I was lucky enough to see this film for free at a special screening in greater London as part of a market research by the film industry. even though it was free i would have paid good money to see that film. but I was presently surprised about how good the film was and everyone seemed to agree that the film was really good. I thought it made the card playing parts actually riveting even though i am not a card player myself. i thought the acting performances were all good especially that of Kevin Spacey's. In terms of the story. In many ways it reminded me of all the good things that was in the BBC TV show hustle. But in a much more real way. On the down side, you may see the ending coming and there is a romance part of the film that feels unnecessary. However it is a very slick film that gets away with it. I would say that it clearly the best film in this genre of film. I enjoyed it more than films such as Confidence and the Oceans 11 type films. I would highly recommend it to anybody when it eventually comes out in April!! I would have thought that they would cut down and re-edit it a bit on the basis that it was quite long. however it kept my attention for the whole film and that is not something that is also done during these sorts of films
Considering the risky pleasure generally associated with gambling and
the seductive thrill of watching a heist or scam unfold, it should come
as no surprise that 21, a film which combines the two aforementioned
premises should excel at being enjoyable. And while the film may be
very familiar ground to anyone with in any experience with Ocean's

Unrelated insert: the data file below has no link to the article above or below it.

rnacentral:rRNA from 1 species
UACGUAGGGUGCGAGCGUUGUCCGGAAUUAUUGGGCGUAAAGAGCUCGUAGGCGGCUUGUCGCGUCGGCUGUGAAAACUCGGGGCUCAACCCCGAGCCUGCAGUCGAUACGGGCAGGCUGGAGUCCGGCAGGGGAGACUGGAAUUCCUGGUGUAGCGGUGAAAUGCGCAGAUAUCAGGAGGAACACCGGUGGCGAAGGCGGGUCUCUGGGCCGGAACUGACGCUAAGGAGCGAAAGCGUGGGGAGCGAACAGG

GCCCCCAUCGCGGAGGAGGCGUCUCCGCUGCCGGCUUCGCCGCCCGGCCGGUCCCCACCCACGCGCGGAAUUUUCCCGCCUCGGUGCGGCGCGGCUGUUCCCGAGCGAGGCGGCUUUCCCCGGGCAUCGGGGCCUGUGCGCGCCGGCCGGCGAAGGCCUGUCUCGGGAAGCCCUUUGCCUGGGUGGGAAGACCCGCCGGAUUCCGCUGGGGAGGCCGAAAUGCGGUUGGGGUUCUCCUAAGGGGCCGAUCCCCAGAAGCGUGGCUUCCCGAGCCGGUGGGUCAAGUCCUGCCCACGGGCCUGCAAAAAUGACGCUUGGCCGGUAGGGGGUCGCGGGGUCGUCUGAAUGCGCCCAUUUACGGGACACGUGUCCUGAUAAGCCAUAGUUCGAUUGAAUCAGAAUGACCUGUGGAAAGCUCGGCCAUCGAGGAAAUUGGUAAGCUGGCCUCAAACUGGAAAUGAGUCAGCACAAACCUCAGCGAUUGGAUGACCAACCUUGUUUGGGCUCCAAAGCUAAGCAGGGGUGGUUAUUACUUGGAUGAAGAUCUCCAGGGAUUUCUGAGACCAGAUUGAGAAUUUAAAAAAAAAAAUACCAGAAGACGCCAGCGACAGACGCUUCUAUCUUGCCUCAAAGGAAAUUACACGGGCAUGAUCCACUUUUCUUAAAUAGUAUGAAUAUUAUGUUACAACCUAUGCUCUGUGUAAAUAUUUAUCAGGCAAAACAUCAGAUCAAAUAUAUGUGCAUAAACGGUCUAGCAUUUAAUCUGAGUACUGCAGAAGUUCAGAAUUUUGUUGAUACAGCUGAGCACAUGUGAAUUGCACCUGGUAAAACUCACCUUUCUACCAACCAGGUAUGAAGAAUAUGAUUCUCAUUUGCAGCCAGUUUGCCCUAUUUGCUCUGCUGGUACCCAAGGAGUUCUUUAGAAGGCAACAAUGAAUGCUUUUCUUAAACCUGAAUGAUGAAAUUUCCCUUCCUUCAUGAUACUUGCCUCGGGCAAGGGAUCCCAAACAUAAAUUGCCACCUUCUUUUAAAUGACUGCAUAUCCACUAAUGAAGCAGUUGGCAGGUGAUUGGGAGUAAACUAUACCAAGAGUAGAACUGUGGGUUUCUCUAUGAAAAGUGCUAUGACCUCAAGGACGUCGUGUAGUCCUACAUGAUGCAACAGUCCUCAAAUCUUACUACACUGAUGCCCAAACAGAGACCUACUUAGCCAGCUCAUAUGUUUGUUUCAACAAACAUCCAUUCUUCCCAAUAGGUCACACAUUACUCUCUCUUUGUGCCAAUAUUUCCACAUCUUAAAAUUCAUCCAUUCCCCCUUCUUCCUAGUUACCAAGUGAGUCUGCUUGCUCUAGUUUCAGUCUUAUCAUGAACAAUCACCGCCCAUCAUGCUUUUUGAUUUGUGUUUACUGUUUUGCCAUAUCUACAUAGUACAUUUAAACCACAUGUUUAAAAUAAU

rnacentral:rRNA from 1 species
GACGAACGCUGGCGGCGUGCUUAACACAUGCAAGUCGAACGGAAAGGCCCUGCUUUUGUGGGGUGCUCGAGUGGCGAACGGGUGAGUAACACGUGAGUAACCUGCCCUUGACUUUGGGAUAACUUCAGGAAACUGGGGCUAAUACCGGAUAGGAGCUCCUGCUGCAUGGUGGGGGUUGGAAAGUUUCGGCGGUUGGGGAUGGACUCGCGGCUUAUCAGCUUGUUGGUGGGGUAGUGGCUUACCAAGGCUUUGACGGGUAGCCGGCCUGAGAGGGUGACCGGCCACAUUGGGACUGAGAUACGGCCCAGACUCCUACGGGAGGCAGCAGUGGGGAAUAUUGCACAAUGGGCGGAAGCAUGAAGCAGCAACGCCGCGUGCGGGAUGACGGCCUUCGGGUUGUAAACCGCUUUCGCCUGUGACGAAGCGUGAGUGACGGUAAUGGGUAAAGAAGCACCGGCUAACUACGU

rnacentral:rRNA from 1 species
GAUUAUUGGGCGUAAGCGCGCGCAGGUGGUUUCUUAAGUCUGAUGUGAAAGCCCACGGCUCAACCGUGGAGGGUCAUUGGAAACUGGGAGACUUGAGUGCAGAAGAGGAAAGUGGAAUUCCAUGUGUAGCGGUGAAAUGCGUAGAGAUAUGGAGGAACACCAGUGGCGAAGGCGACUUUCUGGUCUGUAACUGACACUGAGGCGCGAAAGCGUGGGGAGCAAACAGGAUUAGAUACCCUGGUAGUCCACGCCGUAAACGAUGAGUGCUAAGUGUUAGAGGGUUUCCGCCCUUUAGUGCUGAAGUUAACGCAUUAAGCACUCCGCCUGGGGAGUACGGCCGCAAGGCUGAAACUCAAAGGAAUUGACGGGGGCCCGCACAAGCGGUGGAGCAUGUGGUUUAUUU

Eleven style crime capers, and the majority of the film's plot points
verge on being almost laughably predictable, it is executed with enough
exuberant flair to make it worthwhile in the midst of its formula.
A slow start gives the necessary exposition as to how a thoroughly ethical young MIT student (Sturgess)'s desperate need for money to attend Harvard medical school leads him to join a team of mathematical geniuses trained in blackjack card counting who routinely rip off Las Vegas casinos during weekends between class. However, this opening proves overlong, overly predictable, and largely unnecessary, dragging far too much before plunging into the film's real fun as Sturgess and his team are engulfed by the seductive glamour of Vegas and the thrill of the huge monetary takes. Some judicious editing, clearing away such unnecessary subplots (such as a robotics competition with Sturgess' tiresomely stereotypical nerdy friends) could have resulted in a far more streamlined and faster paced film.
Some viewers may take offence to the "Hollywoodizing" of the MIT team, with team members of different ethnicity largely shoved to the background in favour of the typically gorgeous Caucasian leads, a disconcertingly common practice in modern day cinema. However, the flashy MTV style cinematography and editing ably capture the engrossing spectacle of Vegas, and once the film gets going, it would be difficult to deny the sheer enjoyment of being swept up in the heady rush of quick wealth and all of its hedonistic trappings.